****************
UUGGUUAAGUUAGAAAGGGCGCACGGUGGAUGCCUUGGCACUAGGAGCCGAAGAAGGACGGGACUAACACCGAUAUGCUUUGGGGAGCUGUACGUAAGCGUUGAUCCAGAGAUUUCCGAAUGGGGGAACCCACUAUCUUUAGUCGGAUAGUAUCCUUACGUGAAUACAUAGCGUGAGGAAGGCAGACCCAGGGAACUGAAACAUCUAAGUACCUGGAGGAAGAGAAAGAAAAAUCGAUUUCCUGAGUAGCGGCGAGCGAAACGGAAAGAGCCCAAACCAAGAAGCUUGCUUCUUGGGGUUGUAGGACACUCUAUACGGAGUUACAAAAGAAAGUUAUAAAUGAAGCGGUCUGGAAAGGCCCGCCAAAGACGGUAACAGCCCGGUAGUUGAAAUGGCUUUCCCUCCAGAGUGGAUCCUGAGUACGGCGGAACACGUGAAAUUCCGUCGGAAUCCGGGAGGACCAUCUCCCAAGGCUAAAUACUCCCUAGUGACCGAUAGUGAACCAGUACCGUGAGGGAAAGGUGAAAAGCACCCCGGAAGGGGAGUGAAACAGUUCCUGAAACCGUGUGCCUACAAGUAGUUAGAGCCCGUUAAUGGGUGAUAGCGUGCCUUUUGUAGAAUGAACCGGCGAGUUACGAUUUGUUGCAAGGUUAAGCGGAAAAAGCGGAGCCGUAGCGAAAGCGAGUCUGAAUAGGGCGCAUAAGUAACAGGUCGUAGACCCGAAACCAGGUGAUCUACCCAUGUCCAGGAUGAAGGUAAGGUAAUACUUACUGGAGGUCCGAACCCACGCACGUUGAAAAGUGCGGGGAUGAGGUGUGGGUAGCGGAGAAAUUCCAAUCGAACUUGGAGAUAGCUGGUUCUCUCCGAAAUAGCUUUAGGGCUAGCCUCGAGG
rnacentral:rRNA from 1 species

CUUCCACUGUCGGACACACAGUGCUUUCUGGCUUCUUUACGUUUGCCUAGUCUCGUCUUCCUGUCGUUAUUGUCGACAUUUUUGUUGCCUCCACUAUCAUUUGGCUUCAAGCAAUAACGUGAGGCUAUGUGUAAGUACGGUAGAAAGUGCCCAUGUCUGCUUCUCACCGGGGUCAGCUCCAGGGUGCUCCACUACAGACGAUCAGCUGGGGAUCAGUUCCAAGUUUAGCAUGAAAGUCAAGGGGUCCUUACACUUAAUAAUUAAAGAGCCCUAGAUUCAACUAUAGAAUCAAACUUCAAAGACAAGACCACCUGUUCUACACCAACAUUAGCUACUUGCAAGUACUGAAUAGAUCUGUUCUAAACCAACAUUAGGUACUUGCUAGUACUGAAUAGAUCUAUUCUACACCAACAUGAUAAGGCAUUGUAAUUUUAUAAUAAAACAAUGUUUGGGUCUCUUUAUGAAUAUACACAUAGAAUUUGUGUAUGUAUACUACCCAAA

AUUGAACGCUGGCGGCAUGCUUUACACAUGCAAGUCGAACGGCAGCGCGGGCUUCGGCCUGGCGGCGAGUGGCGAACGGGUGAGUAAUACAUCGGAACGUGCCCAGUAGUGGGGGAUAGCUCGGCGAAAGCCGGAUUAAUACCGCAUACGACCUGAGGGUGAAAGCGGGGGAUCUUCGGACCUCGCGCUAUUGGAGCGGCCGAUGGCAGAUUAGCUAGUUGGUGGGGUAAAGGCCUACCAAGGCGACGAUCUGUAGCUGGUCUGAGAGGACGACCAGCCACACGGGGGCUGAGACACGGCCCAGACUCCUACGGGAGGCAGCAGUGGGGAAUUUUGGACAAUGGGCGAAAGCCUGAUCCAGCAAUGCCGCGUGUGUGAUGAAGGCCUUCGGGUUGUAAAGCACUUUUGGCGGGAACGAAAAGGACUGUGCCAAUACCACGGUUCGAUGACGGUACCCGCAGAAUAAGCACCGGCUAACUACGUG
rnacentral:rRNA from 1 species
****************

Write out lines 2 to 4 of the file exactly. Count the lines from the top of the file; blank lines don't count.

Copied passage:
rnacentral:rRNA from 1 species

CUUCCACUGUCGGACACACAGUGCUUUCUGGCUUCUUUACGUUUGCCUAGUCUCGUCUUCCUGUCGUUAUUGUCGACAUUUUUGUUGCCUCCACUAUCAUUUGGCUUCAAGCAAUAACGUGAGGCUAUGUGUAAGUACGGUAGAAAGUGCCCAUGUCUGCUUCUCACCGGGGUCAGCUCCAGGGUGCUCCACUACAGACGAUCAGCUGGGGAUCAGUUCCAAGUUUAGCAUGAAAGUCAAGGGGUCCUUACACUUAAUAAUUAAAGAGCCCUAGAUUCAACUAUAGAAUCAAACUUCAAAGACAAGACCACCUGUUCUACACCAACAUUAGCUACUUGCAAGUACUGAAUAGAUCUGUUCUAAACCAACAUUAGGUACUUGCUAGUACUGAAUAGAUCUAUUCUACACCAACAUGAUAAGGCAUUGUAAUUUUAUAAUAAAACAAUGUUUGGGUCUCUUUAUGAAUAUACACAUAGAAUUUGUGUAUGUAUACUACCCAAA

AUUGAACGCUGGCGGCAUGCUUUACACAUGCAAGUCGAACGGCAGCGCGGGCUUCGGCCUGGCGGCGAGUGGCGAACGGGUGAGUAAUACAUCGGAACGUGCCCAGUAGUGGGGGAUAGCUCGGCGAAAGCCGGAUUAAUACCGCAUACGACCUGAGGGUGAAAGCGGGGGAUCUUCGGACCUCGCGCUAUUGGAGCGGCCGAUGGCAGAUUAGCUAGUUGGUGGGGUAAAGGCCUACCAAGGCGACGAUCUGUAGCUGGUCUGAGAGGACGACCAGCCACACGGGGGCUGAGACACGGCCCAGACUCCUACGGGAGGCAGCAGUGGGGAAUUUUGGACAAUGGGCGAAAGCCUGAUCCAGCAAUGCCGCGUGUGUGAUGAAGGCCUUCGGGUUGUAAAGCACUUUUGGCGGGAACGAAAAGGACUGUGCCAAUACCACGGUUCGAUGACGGUACCCGCAGAAUAAGCACCGGCUAACUACGUG